Combining nanoliposomal ceramide with sorafenib synergistically inhibits melanoma and breast cancer cell survival to decrease tumor development

Department of Pharmacology-R130, Pennsylvania State University College of Medicine, 500 University Drive, Hershey, PA 17033, USA.
Clinical Cancer Research (Impact Factor: 8.19). 06/2008; 14(11):3571-81. DOI: 10.1158/1078-0432.CCR-07-4881
Source: PubMed

ABSTRACT Deregulation of phosphatidylinositol 3-kinase/Akt and Ras/Raf/mitogen-activated protein kinase/extracellular signal-regulated kinase kinase/extracellular signal-regulated kinase pathways occurs in melanoma and breast cancer, deregulating normal cellular apoptosis and proliferation. Therapeutic cocktails simultaneously targeting these pathways could promote synergistically acting tumor inhibition. However, agents with manageable toxicity and mechanistic basis for synergy need identification. The purpose of this study is to evaluate the preclinical therapeutic efficacy and associated toxicity of combining sorafenib with nanoliposomal ceramide.
Effects of sorafenib and nanoliposomal ceramide as single and combinatorial agents were examined on cultured cells using 3-(4,5-dimethylthiazol-2-yl)-5-(3-carboxymethoxyphenyl)-2-(4-sulfophenyl)-2H-tetrazolium salt assays and CalcuSyn software used to assess synergistic or additive inhibition. Western blotting measured cooperative effects on signaling pathways. Rates of proliferation, apoptosis, and angiogenesis were measured in size- and time-matched tumors to identify mechanistic basis for inhibition. Toxicity was evaluated measuring animal weight, blood toxicity parameters, and changes in liver histology.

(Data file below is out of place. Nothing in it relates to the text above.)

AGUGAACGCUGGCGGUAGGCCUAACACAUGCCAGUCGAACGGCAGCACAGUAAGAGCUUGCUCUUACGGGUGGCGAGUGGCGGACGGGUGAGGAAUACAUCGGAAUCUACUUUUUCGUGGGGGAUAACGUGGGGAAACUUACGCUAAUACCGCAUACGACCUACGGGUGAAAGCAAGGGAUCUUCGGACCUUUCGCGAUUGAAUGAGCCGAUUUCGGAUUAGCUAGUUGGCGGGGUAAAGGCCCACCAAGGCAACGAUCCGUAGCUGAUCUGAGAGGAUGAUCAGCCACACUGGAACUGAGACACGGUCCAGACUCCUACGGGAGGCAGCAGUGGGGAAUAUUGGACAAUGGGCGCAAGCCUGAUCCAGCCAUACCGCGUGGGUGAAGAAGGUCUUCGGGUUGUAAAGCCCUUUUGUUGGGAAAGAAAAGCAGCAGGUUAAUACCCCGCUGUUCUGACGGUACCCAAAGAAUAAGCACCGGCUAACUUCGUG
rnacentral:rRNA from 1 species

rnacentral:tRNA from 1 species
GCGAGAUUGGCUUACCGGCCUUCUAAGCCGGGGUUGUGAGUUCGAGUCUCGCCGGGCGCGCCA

Sorafenib and nanoliposomal ceramide synergistically inhibited cultured cells by cooperatively targeting mitogen-activated protein kinase and phosphatidylinositol 3-kinase signaling. A 1- to 2-fold increase in cellular apoptosis and 3- to 4-fold decrease in cellular proliferation were observed following combination treatment compared with single agents, which caused synergistically acting inhibition. In vivo, an approximately 30% increase in tumor inhibition compared with sorafenib treatment alone and an approximately 58% reduction in tumor size compared with nanoliposomal ceramide monotherapy occurred by doubling apoptosis rates with negligible systemic toxicity.
This study shows that nanoliposomal ceramide enhances effectiveness of sorafenib causing synergistic inhibition. Thus, a foundation is established for clinical trials evaluating the efficacy of combining sorafenib with nanoliposomal ceramide for treatment of cancers.

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